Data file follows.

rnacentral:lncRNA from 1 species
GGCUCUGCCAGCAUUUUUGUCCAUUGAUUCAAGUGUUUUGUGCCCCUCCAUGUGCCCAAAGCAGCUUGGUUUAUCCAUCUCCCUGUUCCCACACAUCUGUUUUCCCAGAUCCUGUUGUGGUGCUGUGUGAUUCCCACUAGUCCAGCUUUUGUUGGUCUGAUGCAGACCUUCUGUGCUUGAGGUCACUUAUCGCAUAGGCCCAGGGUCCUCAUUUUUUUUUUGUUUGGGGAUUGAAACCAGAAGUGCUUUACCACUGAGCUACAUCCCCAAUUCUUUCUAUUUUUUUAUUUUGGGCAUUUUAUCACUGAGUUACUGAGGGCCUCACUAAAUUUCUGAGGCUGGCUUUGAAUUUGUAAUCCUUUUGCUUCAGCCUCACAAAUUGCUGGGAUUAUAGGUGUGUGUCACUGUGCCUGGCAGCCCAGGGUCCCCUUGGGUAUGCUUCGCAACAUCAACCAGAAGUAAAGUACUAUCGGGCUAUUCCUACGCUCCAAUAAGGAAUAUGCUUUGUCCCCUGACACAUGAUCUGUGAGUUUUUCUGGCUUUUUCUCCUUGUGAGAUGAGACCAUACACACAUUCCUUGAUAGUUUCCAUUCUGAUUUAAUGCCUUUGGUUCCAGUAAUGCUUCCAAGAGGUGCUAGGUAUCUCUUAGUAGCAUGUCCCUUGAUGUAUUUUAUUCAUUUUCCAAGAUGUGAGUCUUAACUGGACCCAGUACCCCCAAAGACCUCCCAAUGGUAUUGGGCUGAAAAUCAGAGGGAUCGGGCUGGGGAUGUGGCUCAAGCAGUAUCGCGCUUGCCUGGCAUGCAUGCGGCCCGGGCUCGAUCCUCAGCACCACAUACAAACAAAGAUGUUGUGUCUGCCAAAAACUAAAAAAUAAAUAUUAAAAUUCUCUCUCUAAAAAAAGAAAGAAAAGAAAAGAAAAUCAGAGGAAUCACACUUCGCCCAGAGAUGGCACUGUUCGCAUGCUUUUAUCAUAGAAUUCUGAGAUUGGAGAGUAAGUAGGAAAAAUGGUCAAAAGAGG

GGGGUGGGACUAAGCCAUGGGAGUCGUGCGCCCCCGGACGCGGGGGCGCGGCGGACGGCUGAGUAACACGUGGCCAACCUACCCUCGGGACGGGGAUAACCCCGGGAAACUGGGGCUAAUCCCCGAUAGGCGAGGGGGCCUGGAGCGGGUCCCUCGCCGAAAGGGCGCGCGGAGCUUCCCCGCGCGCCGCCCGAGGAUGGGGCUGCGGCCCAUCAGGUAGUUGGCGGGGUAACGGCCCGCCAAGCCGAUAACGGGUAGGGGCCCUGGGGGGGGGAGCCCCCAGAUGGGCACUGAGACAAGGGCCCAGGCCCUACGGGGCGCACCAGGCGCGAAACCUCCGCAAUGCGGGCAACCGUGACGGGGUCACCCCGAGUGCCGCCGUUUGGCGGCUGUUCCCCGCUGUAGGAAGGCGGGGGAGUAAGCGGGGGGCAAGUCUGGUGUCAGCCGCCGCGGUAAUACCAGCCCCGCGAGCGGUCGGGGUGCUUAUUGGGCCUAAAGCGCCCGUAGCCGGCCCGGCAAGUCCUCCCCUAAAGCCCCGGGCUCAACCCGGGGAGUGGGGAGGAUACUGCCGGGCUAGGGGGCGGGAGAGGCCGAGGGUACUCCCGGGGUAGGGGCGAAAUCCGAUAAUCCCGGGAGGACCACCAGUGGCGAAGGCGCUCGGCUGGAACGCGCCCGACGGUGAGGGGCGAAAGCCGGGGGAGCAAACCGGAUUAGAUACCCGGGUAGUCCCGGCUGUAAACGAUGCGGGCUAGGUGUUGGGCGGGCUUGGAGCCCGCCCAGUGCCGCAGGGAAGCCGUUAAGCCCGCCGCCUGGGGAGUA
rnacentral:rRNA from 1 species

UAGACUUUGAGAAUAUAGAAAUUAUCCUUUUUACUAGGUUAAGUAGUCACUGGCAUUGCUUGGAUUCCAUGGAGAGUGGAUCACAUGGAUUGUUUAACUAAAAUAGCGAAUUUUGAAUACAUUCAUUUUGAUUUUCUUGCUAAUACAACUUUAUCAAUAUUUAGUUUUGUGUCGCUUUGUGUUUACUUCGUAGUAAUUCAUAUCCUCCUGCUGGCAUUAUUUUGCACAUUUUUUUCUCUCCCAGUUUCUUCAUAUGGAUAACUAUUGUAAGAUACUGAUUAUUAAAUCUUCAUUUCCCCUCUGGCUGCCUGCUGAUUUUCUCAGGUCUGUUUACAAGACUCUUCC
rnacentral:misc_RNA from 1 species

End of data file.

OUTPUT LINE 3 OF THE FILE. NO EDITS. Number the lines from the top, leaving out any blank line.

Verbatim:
GGGGUGGGACUAAGCCAUGGGAGUCGUGCGCCCCCGGACGCGGGGGCGCGGCGGACGGCUGAGUAACACGUGGCCAACCUACCCUCGGGACGGGGAUAACCCCGGGAAACUGGGGCUAAUCCCCGAUAGGCGAGGGGGCCUGGAGCGGGUCCCUCGCCGAAAGGGCGCGCGGAGCUUCCCCGCGCGCCGCCCGAGGAUGGGGCUGCGGCCCAUCAGGUAGUUGGCGGGGUAACGGCCCGCCAAGCCGAUAACGGGUAGGGGCCCUGGGGGGGGGAGCCCCCAGAUGGGCACUGAGACAAGGGCCCAGGCCCUACGGGGCGCACCAGGCGCGAAACCUCCGCAAUGCGGGCAACCGUGACGGGGUCACCCCGAGUGCCGCCGUUUGGCGGCUGUUCCCCGCUGUAGGAAGGCGGGGGAGUAAGCGGGGGGCAAGUCUGGUGUCAGCCGCCGCGGUAAUACCAGCCCCGCGAGCGGUCGGGGUGCUUAUUGGGCCUAAAGCGCCCGUAGCCGGCCCGGCAAGUCCUCCCCUAAAGCCCCGGGCUCAACCCGGGGAGUGGGGAGGAUACUGCCGGGCUAGGGGGCGGGAGAGGCCGAGGGUACUCCCGGGGUAGGGGCGAAAUCCGAUAAUCCCGGGAGGACCACCAGUGGCGAAGGCGCUCGGCUGGAACGCGCCCGACGGUGAGGGGCGAAAGCCGGGGGAGCAAACCGGAUUAGAUACCCGGGUAGUCCCGGCUGUAAACGAUGCGGGCUAGGUGUUGGGCGGGCUUGGAGCCCGCCCAGUGCCGCAGGGAAGCCGUUAAGCCCGCCGCCUGGGGAGUA